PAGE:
How to: Bind Data to Parameters and Output

Solver Foundation 3.0

You can use linear programming to minimize or maximize functions. In this example, an oil refinery must procure crude oil from two sources. The objective is to minimize the purchase cost of crude oils of varying quality and to meet minimum production levels of 2,000 barrels of gasoline, 1,500 barrels of jet fuel, and 500 barrels of machine lubricant. Meanwhile, the suppliers cannot exceed their maximum daily production of crude oil. The following table shows the costs and capabilities of the two different crude oils.


Saudi Arabia refining

Venezuela refining


$20 per barrel

$15 per barrel

Maximum daily production

9,000 barrels

6,000 barrels

Refining percentages

30% gasoline

40% jet fuel

20% lubricant

10% waste

40% gasoline

20% jet fuel

30% lubricant

10% waste

The following example demonstrates how to use Solver Foundation to create and solve the refining model by using the Solver Foundation Services layer.

To bind data to input parameters and output variables

  1. Create a console application named PetroChem.

  2. Add a reference to Microsoft Solver Foundation on the .NET tab of the Add Reference dialog box.

  3. Add the following Imports or using statements to the top of the Program code file.

    using Microsoft.SolverFoundation.Common;
    using Microsoft.SolverFoundation.Services;
  4. Create the following class to define the information used to describe a country or region.

    class CountryDef {
      public string Country { get; set; }
      public double MaxProduction { get; set; }
      public double Price { get; set; }
      public double Yield { get; set; }
      public double Production { get; set; }
      public CountryDef(string country, double maxProduction, double price, double yield) {
        Country = country;
        MaxProduction = maxProduction;
        Price = price;
        Yield = yield;
        Production = -42;
  5. In the Main method, add the following code to instantiate the class and define the data that describes the country or region.

    CountryDef[] ProductionCapacity = new CountryDef[] { 
              new CountryDef("Venezuela", 9000, 15, 0.4),
              new CountryDef("Saudi Arabia", 6000, 20, 0.3)
  6. Add the following code to get the context environment for a solver and create a new model.

    SolverContext context = SolverContext.GetContext();
    Model model = context.CreateModel();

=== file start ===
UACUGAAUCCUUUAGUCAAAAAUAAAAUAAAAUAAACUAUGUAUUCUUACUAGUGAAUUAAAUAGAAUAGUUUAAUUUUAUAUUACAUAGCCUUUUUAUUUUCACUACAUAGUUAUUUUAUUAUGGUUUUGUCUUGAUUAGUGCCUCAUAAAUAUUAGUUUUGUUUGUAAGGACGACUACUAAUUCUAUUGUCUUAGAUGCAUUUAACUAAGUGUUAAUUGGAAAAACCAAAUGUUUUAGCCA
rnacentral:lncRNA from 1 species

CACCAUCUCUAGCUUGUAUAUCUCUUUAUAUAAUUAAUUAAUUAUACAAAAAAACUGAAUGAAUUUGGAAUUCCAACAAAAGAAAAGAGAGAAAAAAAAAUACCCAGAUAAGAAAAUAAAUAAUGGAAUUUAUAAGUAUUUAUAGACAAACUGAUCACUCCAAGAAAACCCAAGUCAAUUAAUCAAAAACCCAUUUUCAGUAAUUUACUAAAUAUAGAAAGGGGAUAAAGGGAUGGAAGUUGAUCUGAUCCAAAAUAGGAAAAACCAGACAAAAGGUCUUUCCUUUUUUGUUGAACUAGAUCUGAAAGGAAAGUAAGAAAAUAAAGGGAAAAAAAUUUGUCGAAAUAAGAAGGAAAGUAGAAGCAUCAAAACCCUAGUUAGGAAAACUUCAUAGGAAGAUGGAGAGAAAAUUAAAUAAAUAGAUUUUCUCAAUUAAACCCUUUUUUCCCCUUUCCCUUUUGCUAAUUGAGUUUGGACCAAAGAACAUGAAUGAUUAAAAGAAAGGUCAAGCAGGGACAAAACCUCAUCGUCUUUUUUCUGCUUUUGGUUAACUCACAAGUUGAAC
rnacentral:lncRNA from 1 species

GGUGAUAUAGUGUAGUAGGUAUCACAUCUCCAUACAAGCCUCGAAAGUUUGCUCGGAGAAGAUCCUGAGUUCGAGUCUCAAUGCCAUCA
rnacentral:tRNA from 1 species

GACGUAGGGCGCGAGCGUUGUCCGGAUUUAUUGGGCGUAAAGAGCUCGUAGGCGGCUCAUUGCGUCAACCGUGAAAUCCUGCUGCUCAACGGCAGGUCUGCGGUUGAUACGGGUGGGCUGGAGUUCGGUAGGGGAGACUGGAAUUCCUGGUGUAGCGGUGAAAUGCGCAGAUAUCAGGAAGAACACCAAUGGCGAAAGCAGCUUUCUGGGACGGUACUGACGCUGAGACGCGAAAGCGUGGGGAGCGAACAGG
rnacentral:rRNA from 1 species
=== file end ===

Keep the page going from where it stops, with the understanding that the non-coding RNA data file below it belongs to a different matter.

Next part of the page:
7. Create decision variables that represent the two sources of crude oil: Saudi Arabia and Venezuela.

    Decision vz = new Decision(Domain.RealNonnegative, "barrels_venezuela");
    Decision sa = new Decision(Domain.RealNonnegative, "barrels_saudiarabia");
  8. Bind data to the decisions by using LINQ. Then add the decisions to the model.

      from row in ProductionCapacity where row.Country == "Venezuela" select row, 
      from row in ProductionCapacity where row.Country == "Saudi Arabia" select row, 
    model.AddDecisions(vz, sa);
  9. Create two parameters that represent the input data for the model.

    Parameter maxvz = new Parameter(Domain.RealNonnegative, "maxproduction_venezuela");
    Parameter maxsa = new Parameter(Domain.RealNonnegative, "maxproduction_saudiarabia");
  10. Bind data to the parameters by using LINQ

      from row in ProductionCapacity where row.Country == "Venezuela" select row, 
      from row in ProductionCapacity where row.Country == "Saudi Arabia" select row, 
    model.AddParameters(maxvz, maxsa);
  11. Add two constraints that define the maximum daily production levels for the two refineries.

      0 <= vz <= maxvz,
      0 <= sa <= maxsa);
  12. Add three constraints that define the refining capabilities of each crude oil. In the following code, the constraints for the two suppliers are added as decimals. For example, the Saudi Arabian crude oil produces 30% gasoline and the Venezuelan crude oil produces 40% gasoline. The first half of the constraint is added as 0.3 * sa + 0.4 * vz. The second half of the constraint identifies the minimum production of 2,000 barrels of gasoline. Similar constraints are added for 1,500 barrels of jet fuel and 500 barrels of machine lubricant.

      0.3 * sa + 0.4 * vz >= 2000,
      0.4 * sa + 0.2 * vz >= 1500,
      0.2 * sa + 0.3 * vz >= 500);
  13. Add the costs of the crude oils to the model. Specify that the solver should minimize the goal by setting the second parameter to GoalKind.Minimize.

    model.AddGoal("cost", GoalKind.Minimize, 20 * sa + 15 * vz);
  14. Solve the model, call the PropagateDecisions method to save the results, and then get the report.

    Solution solution = context.Solve(new SimplexDirective());
    Report report = solution.GetReport();
    Console.WriteLine("vz: {0}, sa: {1}", vz, sa);
    Console.Write("{0}", report);
  15. Press F5 to build and run the code.

    The Command window shows the following results.

    vz: 3500, sa: 2000

    ===Solver Foundation Service Report===

    Date: Date

    Version: Version

    Model Name: Default

    Capabilities Applied: LP

    Solve Time (ms): 138

    Total Time (ms): 272

    Solve Completion Status: Optimal

    Solver Selected: Microsoft.SolverFoundation.Solvers.SimplexSolver


    Simplex(TimeLimit = -1, MaximumGoalCount = -1, Arithmetic = Default, Pricing = Default, IterationLimit = -1, Algorithm = Default, Basis = Default, GetSensitivity = False)

    Algorithm: Primal

    Arithmetic: Double

    Variables: 2 -> 2 + 4

    Rows: 6 -> 4

    Nonzeros: 10

    Eliminated Slack Variables: 0

    Pricing (double): SteepestEdge

    Basis: Slack

    Pivot Count: 3

    Phase 1 Pivots: 3 + 0

    Phase 2 Pivots: 0 + 0

    Factorings: 4 + 0

    Degenerate Pivots: 0 (0.00 %)

    Branches: 0

    ===Solution Details===


    cost: 92500


    barrels_venezuela: 3500

    barrels_saudiarabia: 2000